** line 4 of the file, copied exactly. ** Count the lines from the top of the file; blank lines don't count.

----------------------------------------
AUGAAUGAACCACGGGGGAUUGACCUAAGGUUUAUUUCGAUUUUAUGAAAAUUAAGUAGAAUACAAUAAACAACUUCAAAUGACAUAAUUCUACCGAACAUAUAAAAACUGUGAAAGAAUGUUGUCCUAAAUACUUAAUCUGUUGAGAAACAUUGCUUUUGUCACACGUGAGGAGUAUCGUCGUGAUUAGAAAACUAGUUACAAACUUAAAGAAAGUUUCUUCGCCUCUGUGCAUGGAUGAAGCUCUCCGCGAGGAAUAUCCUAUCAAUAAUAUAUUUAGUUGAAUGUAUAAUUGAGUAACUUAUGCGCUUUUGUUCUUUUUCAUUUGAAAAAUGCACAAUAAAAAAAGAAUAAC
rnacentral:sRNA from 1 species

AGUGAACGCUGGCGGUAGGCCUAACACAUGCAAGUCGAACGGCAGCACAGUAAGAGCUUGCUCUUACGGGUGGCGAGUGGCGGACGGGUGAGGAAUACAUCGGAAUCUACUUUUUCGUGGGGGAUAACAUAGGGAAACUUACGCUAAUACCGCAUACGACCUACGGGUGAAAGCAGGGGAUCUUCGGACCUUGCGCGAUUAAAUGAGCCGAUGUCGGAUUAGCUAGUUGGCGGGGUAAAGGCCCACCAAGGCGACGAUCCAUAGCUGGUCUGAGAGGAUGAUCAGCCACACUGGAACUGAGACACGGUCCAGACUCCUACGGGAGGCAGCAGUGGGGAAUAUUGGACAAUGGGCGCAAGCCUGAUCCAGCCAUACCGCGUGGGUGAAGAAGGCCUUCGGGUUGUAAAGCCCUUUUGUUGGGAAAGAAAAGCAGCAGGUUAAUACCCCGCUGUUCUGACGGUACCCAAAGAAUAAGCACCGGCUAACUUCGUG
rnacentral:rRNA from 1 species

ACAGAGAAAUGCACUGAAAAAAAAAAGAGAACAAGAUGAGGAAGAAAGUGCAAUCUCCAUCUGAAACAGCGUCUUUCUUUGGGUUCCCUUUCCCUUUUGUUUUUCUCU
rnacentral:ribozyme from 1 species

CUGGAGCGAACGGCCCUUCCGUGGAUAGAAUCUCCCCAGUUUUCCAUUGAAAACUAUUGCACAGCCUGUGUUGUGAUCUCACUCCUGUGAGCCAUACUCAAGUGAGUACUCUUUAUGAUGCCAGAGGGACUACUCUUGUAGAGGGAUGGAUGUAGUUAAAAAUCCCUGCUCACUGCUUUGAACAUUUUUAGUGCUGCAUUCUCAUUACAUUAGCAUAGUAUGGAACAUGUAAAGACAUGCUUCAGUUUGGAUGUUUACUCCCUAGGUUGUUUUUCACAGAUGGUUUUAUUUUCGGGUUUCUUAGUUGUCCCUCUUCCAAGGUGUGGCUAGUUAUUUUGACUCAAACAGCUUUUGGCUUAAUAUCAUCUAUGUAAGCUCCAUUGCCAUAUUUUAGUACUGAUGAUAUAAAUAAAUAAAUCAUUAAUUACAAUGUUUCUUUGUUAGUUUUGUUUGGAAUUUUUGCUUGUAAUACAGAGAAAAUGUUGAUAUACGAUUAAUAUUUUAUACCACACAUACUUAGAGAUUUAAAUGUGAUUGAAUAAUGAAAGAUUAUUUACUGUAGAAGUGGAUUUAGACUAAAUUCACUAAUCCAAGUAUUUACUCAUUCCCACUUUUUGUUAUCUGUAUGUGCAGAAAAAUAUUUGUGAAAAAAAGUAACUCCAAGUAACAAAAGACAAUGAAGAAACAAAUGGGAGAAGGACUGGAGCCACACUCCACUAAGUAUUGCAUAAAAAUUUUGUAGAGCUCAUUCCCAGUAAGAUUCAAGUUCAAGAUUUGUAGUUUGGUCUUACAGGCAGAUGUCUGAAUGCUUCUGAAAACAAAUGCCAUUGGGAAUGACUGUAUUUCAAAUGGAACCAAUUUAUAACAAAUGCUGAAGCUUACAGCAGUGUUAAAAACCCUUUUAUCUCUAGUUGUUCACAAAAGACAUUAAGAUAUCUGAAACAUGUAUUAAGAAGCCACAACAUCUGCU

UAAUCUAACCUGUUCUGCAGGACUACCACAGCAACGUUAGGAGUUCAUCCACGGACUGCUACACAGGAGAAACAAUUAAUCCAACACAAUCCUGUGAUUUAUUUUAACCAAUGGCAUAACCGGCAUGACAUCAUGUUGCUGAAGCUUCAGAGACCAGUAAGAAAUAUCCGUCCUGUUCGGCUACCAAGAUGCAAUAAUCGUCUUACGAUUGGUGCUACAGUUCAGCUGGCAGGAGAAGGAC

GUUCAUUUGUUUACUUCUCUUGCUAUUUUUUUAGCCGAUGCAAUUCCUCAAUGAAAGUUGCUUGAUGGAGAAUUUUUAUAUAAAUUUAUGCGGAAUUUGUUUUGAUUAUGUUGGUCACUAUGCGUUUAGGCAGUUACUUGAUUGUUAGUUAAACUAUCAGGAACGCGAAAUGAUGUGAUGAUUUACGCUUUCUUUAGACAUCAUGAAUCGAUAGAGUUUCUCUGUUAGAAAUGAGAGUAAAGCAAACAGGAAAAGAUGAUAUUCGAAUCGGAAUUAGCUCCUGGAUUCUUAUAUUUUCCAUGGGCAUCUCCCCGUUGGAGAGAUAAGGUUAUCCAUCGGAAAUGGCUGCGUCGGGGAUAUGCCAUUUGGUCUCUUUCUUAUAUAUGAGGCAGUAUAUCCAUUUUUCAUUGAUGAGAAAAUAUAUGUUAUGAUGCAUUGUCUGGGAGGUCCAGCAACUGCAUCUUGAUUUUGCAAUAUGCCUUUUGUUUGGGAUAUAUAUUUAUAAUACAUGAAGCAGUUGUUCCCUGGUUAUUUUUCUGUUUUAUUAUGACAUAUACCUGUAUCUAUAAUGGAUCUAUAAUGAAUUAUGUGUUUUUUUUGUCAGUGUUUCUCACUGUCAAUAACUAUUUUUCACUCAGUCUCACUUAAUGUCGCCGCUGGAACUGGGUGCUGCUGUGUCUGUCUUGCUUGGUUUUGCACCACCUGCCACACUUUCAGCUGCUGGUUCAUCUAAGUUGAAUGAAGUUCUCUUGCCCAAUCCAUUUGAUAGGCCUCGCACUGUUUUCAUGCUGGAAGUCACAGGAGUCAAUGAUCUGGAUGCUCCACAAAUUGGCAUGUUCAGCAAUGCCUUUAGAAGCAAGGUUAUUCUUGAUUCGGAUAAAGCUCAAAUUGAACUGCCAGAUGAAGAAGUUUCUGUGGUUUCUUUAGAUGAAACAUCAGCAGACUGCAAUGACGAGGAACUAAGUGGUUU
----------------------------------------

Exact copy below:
rnacentral:rRNA from 1 species